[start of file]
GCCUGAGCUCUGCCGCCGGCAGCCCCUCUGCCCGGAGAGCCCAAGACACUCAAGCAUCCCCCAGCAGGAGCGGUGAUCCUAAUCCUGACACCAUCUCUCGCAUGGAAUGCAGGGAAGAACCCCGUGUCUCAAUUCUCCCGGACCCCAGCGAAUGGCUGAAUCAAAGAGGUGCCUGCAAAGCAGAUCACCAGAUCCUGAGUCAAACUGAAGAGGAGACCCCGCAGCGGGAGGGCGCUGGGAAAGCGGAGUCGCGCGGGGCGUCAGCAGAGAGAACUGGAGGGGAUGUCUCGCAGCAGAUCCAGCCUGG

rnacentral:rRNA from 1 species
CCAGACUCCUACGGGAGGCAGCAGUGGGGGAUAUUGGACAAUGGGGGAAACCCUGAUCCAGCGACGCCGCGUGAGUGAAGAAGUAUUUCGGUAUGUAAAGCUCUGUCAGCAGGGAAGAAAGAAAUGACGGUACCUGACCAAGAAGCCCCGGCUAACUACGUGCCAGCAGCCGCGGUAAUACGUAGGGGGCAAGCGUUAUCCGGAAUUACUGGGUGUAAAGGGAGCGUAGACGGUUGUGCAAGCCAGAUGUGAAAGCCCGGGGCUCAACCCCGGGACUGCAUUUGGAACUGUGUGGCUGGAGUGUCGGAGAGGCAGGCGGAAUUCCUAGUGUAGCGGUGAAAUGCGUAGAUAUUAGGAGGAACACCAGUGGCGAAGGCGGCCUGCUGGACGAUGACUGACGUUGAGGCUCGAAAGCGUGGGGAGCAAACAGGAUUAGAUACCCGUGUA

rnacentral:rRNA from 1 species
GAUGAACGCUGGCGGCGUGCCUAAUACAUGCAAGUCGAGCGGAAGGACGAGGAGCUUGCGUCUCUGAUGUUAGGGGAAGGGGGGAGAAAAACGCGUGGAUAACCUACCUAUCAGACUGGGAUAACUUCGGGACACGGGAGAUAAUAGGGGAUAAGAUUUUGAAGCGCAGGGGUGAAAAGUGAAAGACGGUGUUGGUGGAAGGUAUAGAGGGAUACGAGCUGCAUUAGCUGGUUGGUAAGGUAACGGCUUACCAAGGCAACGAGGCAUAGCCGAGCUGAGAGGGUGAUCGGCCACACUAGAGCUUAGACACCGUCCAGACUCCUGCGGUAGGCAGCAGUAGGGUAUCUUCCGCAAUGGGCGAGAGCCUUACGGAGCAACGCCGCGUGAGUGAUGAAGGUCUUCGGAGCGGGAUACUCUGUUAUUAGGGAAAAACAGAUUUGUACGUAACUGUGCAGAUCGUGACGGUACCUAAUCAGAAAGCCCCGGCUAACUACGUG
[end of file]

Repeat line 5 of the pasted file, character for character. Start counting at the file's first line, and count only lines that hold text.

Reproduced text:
GAUGAACGCUGGCGGCGUGCCUAAUACAUGCAAGUCGAGCGGAAGGACGAGGAGCUUGCGUCUCUGAUGUUAGGGGAAGGGGGGAGAAAAACGCGUGGAUAACCUACCUAUCAGACUGGGAUAACUUCGGGACACGGGAGAUAAUAGGGGAUAAGAUUUUGAAGCGCAGGGGUGAAAAGUGAAAGACGGUGUUGGUGGAAGGUAUAGAGGGAUACGAGCUGCAUUAGCUGGUUGGUAAGGUAACGGCUUACCAAGGCAACGAGGCAUAGCCGAGCUGAGAGGGUGAUCGGCCACACUAGAGCUUAGACACCGUCCAGACUCCUGCGGUAGGCAGCAGUAGGGUAUCUUCCGCAAUGGGCGAGAGCCUUACGGAGCAACGCCGCGUGAGUGAUGAAGGUCUUCGGAGCGGGAUACUCUGUUAUUAGGGAAAAACAGAUUUGUACGUAACUGUGCAGAUCGUGACGGUACCUAAUCAGAAAGCCCCGGCUAACUACGUG